Philadelphia sports fans constantly get criticized for acting the way they do. They get called all sorts of names that are justified at times. Yes we are pessimists, and always expect the worst. Throughout it all we are loyal to our teams, sometimes to a fault. If you look back in to history perhaps you can trace our actions to one disappointing season. 1964. It was the year that the one time the Phillies fans felt they had the season already in the bag, it blew up in their faces. To this day 50 years later, mentioning 1964 evokes a string of obscenities not even a sailor would love. Todays book gives us fuel for the obscenity laden fire…..
By; Barry Bowe-2014 Self published
Phillies fans to this day are still cursing Gene Mauch for his bonehead moves. Still hating Chico Ruiz for stealing home and still wondering what could have been. For those not familiar with the 1964 Phillies here is the short and quick version. The Phils were leading the National League by 6 1/2 games with 12 games left to play and found a way to blow it. Through a series of managerial blunders and the overworking of two of the anchors on the pitching staff, the Phils coughed up the lead and ended the season tied for second place. The downward spiral was started by a 1-0 loss to the Reds in a game in which Chico Ruiz stole home with Frank Robinson at bat. To this day mention Chico Ruiz to a Phillies fan and they just shake their head.
Barry Bowe undertakes a very touchy subject with this book. It could only be handled by a true Philadelphia sports fan. He does a great job of not only explaining the 1964 season but also interjecting information about the Philly sports fan psyche in general.
Bowe dissects each game inning by inning throughout the entire season. That alone is a monumental undertaking, but he also interjects information about some of the players in those specific games as well. The attention to detail in this book shows through in the fact that every game adheres to the same level of detail. He also throws in little tidbits of information as to what was happening in the world around us on any given day.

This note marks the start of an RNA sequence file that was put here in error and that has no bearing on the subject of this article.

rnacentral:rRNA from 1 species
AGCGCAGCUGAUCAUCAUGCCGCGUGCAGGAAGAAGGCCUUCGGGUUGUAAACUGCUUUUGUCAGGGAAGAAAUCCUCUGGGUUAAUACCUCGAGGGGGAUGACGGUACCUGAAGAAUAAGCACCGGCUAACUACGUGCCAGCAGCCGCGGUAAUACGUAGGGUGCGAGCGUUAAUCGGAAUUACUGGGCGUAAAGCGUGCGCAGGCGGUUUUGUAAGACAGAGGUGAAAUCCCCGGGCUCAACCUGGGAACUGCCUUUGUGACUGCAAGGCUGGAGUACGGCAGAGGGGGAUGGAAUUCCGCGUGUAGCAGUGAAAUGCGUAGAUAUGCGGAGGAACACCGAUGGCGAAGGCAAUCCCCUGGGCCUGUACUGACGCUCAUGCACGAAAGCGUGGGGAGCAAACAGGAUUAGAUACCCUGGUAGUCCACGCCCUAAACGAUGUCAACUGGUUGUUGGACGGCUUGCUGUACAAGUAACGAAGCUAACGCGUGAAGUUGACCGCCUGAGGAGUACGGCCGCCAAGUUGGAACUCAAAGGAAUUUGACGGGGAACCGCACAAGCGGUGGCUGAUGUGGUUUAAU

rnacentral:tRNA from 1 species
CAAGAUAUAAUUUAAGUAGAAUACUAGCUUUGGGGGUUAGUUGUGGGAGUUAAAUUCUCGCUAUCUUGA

Another fun aspect of this book is that the author reveals some personal information. He describes his fan experience during certain points in his own life. Those personal stories did not always occur in 1964, but did explain his growth as a Philadelphia sports fan. He does make the attempt to give a brief explanation as to what other collapses have occurred on the Philadelphia sports scene throughout the years. They are very brief accounts, that give the reader a quick overview, but also shows how these occurences could fill their own book.
Overall Bowe does a great job helping the Phillies fans re-live a nightmare. Phillies fans should really enjoy this book as it helps justify the anger 50 years later. People outside of the Philadelphia area should find this book helpful in the fact that it may help explain, why we the Philly fans are the way we are.
You can pick up this book direct from author Barry Bowe